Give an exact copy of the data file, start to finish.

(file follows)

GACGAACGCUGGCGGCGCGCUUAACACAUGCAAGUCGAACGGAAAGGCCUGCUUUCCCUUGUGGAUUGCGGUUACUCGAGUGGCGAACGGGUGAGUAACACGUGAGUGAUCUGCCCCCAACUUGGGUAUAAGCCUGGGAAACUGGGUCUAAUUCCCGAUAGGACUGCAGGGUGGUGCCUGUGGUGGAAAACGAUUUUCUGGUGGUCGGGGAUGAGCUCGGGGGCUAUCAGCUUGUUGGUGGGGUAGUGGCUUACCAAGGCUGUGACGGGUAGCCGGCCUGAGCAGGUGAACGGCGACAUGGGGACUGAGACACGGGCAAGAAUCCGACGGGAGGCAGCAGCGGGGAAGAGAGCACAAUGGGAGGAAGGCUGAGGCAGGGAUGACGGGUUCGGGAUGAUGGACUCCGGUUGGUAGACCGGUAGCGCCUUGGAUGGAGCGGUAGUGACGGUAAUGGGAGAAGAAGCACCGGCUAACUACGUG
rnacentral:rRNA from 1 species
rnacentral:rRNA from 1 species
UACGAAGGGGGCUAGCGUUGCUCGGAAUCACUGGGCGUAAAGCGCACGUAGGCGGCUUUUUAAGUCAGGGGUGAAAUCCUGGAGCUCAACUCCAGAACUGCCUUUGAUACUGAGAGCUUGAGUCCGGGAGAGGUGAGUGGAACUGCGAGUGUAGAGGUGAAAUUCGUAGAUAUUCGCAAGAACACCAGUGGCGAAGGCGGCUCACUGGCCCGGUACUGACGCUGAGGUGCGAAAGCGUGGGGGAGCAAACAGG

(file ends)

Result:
GACGAACGCUGGCGGCGCGCUUAACACAUGCAAGUCGAACGGAAAGGCCUGCUUUCCCUUGUGGAUUGCGGUUACUCGAGUGGCGAACGGGUGAGUAACACGUGAGUGAUCUGCCCCCAACUUGGGUAUAAGCCUGGGAAACUGGGUCUAAUUCCCGAUAGGACUGCAGGGUGGUGCCUGUGGUGGAAAACGAUUUUCUGGUGGUCGGGGAUGAGCUCGGGGGCUAUCAGCUUGUUGGUGGGGUAGUGGCUUACCAAGGCUGUGACGGGUAGCCGGCCUGAGCAGGUGAACGGCGACAUGGGGACUGAGACACGGGCAAGAAUCCGACGGGAGGCAGCAGCGGGGAAGAGAGCACAAUGGGAGGAAGGCUGAGGCAGGGAUGACGGGUUCGGGAUGAUGGACUCCGGUUGGUAGACCGGUAGCGCCUUGGAUGGAGCGGUAGUGACGGUAAUGGGAGAAGAAGCACCGGCUAACUACGUG
rnacentral:rRNA from 1 species
rnacentral:rRNA from 1 species
UACGAAGGGGGCUAGCGUUGCUCGGAAUCACUGGGCGUAAAGCGCACGUAGGCGGCUUUUUAAGUCAGGGGUGAAAUCCUGGAGCUCAACUCCAGAACUGCCUUUGAUACUGAGAGCUUGAGUCCGGGAGAGGUGAGUGGAACUGCGAGUGUAGAGGUGAAAUUCGUAGAUAUUCGCAAGAACACCAGUGGCGAAGGCGGCUCACUGGCCCGGUACUGACGCUGAGGUGCGAAAGCGUGGGGGAGCAAACAGG